Proud2Bme | Healing Through Movement: My Body's Narrative

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Healing Through Movement: My Body's Narrative

By Kimberly Neil--Most people have a way they choose to express themselves. Writing, performing, playing a team sport, hitting the gym, getting emotionally invested in TV shows, books, or music – there are so many healthy options.

Dance has always been my favorite way to find balance, especially when things are hard. Writing is a close second, but there is something special about being able to use an emotion that might be difficult to explain and apply that energy to movement.

Ironically enough, my experience with developing an eating disorder was primarily triggered by being so invested in dance. I think the most challenging aspect of being a dancer and having an eating disorder is the conflict between wanting to embrace being a perfectionist and having to face corrections and criticism without letting those corrections turn into an overpowering source of negativity.

Last semester I was finally able to start dancing again after almost two years. Before starting college, my eating disorder in combination with an injury made me realize that regardless of how committed I was to continuing to train as a pre-professional dancer, the likelihood of becoming a professional ballet dancer wasn’t that realistic of a goal.  I thought that I would rather quit dance than face that reality, which made me even more dependent on my eating disorder as a way to deflect my feelings.

When I transferred to a new college, I realized that those years away from the dance studio hadn’t cured my disorder. I thought I would be more motivated to give recovery my all if I could feel that level of happiness that only happens in the studio and on stage. There’s a cliché saying: “You don’t know what you have until it’s gone.” In this case, that turned out to be 100% correct. Being back in the studio made me feel OK for a while, but then the negativity of my disorder became overpowering.

A little over a month into my first semester at this amazing new college with dance classes that I absolutely loved, I found myself checking in to an inpatient unit in a hospital on the other side of the state. My disorder reached a point where I no longer felt like I was in control because even though I wanted to dance, I couldn’t ignore serious health complications any longer. After leaving inpatient, dance was no longer an option, and that was potentially one of the darkest places I’ve ever been in mentally.

While I can’t say that I’ve found a magic cure, I was able to get back in the studio this semester. Some days are harder than others, and struggle with balancing a body that isn’t 100% healthy while working to recover and make the most of what I have left of college. Whenever I feel like my eating disorder is my entire identity, I try to remind myself that I was a dancer first.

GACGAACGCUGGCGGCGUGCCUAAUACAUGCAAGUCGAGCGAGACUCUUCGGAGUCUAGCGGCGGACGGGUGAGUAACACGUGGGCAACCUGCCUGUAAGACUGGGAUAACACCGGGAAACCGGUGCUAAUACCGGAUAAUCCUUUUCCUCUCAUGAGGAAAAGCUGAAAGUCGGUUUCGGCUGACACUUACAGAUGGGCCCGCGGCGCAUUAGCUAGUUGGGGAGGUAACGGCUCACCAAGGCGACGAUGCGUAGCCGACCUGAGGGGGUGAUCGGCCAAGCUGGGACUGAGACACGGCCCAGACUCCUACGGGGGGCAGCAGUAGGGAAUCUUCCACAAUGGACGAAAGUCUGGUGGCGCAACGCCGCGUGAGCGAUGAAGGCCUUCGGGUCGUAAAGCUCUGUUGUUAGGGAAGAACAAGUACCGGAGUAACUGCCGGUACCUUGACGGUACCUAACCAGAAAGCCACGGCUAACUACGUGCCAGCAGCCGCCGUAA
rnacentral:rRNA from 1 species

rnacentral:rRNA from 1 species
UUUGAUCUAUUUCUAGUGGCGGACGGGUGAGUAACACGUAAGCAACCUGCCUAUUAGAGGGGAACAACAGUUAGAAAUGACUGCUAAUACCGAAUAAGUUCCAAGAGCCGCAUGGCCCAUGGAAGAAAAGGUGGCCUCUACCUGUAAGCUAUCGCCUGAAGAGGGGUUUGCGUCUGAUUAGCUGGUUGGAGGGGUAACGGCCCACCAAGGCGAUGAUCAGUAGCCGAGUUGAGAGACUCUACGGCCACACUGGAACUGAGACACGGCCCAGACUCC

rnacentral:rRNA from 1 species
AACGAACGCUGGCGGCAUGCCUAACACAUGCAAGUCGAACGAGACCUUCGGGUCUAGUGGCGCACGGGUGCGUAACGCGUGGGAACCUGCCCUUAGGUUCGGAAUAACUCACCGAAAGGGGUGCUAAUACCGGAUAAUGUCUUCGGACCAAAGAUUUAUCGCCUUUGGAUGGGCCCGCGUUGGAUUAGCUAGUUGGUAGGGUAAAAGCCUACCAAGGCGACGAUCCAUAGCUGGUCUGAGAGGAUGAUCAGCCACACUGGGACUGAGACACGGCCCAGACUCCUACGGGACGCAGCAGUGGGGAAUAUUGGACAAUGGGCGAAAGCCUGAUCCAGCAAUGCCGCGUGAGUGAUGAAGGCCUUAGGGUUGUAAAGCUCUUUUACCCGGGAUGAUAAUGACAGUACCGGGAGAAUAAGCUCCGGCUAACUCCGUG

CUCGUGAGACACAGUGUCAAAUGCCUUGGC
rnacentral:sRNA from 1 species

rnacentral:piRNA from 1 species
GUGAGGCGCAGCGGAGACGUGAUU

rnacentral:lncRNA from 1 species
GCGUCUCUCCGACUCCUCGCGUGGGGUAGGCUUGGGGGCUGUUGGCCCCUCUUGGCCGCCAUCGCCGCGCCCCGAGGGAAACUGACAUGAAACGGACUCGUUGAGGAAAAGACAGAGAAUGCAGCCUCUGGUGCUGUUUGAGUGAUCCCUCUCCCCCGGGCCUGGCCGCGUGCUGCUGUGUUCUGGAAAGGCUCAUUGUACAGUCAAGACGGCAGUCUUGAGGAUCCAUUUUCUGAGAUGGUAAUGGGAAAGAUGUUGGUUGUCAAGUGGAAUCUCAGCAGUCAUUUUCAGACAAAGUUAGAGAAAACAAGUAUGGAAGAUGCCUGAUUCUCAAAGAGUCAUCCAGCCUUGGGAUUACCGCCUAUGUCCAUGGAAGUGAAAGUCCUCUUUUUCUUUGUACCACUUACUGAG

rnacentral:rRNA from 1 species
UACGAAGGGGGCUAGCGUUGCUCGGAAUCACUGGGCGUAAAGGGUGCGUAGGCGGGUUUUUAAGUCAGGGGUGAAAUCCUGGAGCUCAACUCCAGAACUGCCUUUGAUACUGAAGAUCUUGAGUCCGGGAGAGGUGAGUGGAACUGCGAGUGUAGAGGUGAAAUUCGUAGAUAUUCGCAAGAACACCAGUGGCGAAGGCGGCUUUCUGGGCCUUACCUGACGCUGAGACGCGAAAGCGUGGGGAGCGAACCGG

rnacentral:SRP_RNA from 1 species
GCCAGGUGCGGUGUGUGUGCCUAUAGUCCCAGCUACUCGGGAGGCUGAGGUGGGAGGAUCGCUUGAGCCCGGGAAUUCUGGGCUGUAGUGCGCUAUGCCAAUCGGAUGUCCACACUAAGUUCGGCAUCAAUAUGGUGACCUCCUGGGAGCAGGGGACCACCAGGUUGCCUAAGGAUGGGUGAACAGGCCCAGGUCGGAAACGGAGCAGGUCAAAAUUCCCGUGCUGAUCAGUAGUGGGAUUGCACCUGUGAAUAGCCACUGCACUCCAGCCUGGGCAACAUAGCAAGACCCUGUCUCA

Movement is what I have, and it’s what I want to share most with the world. I think this semester has given me a chance to be creative and share little pieces of my story with others, and one of the ways this has happened is having the freedom to dance and write for one of my classes, which means I get to turn something academic into something personal.

Opening up about my experience is almost always empowering, but it can also feel impossible to talk or write about it when a grade is involved. Two specific subjects I was really inspired by are stigma surrounding mental illness and the way society can influence or intensify an eating disorder.  (Stigma is the relationship between a person and something they cannot fully separate themselves from, but it is also the way they are treated by others because of this relationship.) So, I decided to take these two topics and use movement to communicate what I feel like words can’t communicate.

When I dance about this stuff, it’s for anyone that can relate. Having a voice doesn’t always require speaking or writing. I hope both of these combinations show that, and more importantly, I hope someone else feels inspired to share their story creatively as well. 

About this blogger: Kimberly is a rising junior at Mount Holyoke College, a woman's liberal arts college in South Hadley, MA. She is currently studying Anthropology but planning to switch to a self-designed major. Her interests include ballet, performing, choreographing, writing, binge watching documentaries on Netflix, and taking too many pictures with friends. She plans to pursue grad school (hopefully overseas!) and research mental illness, specifically eating disorders. She also hopes to one day work to change laws around mental health in the United States and promote the idea that women around the world should have autonomy over their bodies. 

Also by Kimberly:

"Kylie Jenner Lips" and People of Color

People of Color and Mental Illness: An In-Depth Interview with Dior Vargas

#BLACKOUT: Black Self-Love on Social Media

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